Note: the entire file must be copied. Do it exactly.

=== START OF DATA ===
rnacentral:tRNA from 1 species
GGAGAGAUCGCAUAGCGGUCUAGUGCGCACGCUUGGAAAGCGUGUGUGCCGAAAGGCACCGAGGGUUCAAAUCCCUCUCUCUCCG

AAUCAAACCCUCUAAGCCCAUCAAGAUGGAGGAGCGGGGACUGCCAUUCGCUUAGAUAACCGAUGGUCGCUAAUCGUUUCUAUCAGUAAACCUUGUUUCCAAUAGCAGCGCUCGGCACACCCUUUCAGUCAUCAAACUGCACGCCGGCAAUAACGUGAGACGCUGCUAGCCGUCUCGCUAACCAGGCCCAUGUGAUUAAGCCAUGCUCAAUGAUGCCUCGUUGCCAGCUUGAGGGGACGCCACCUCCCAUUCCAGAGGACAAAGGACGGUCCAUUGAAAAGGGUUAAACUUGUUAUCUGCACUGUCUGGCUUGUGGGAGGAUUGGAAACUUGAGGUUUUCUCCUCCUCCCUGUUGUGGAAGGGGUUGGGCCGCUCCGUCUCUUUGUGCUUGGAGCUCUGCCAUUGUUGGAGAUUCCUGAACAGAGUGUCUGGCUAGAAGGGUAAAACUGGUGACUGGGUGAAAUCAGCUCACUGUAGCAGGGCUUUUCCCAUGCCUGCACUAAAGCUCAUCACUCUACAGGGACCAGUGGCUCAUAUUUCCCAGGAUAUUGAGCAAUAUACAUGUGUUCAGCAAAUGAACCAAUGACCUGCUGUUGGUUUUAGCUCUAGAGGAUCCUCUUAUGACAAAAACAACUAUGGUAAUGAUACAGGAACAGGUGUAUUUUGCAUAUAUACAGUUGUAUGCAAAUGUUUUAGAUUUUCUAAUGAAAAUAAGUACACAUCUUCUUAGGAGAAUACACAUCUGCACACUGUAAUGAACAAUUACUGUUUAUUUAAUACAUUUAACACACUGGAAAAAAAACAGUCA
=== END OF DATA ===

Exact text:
rnacentral:tRNA from 1 species
GGAGAGAUCGCAUAGCGGUCUAGUGCGCACGCUUGGAAAGCGUGUGUGCCGAAAGGCACCGAGGGUUCAAAUCCCUCUCUCUCCG

AAUCAAACCCUCUAAGCCCAUCAAGAUGGAGGAGCGGGGACUGCCAUUCGCUUAGAUAACCGAUGGUCGCUAAUCGUUUCUAUCAGUAAACCUUGUUUCCAAUAGCAGCGCUCGGCACACCCUUUCAGUCAUCAAACUGCACGCCGGCAAUAACGUGAGACGCUGCUAGCCGUCUCGCUAACCAGGCCCAUGUGAUUAAGCCAUGCUCAAUGAUGCCUCGUUGCCAGCUUGAGGGGACGCCACCUCCCAUUCCAGAGGACAAAGGACGGUCCAUUGAAAAGGGUUAAACUUGUUAUCUGCACUGUCUGGCUUGUGGGAGGAUUGGAAACUUGAGGUUUUCUCCUCCUCCCUGUUGUGGAAGGGGUUGGGCCGCUCCGUCUCUUUGUGCUUGGAGCUCUGCCAUUGUUGGAGAUUCCUGAACAGAGUGUCUGGCUAGAAGGGUAAAACUGGUGACUGGGUGAAAUCAGCUCACUGUAGCAGGGCUUUUCCCAUGCCUGCACUAAAGCUCAUCACUCUACAGGGACCAGUGGCUCAUAUUUCCCAGGAUAUUGAGCAAUAUACAUGUGUUCAGCAAAUGAACCAAUGACCUGCUGUUGGUUUUAGCUCUAGAGGAUCCUCUUAUGACAAAAACAACUAUGGUAAUGAUACAGGAACAGGUGUAUUUUGCAUAUAUACAGUUGUAUGCAAAUGUUUUAGAUUUUCUAAUGAAAAUAAGUACACAUCUUCUUAGGAGAAUACACAUCUGCACACUGUAAUGAACAAUUACUGUUUAUUUAAUACAUUUAACACACUGGAAAAAAAACAGUCA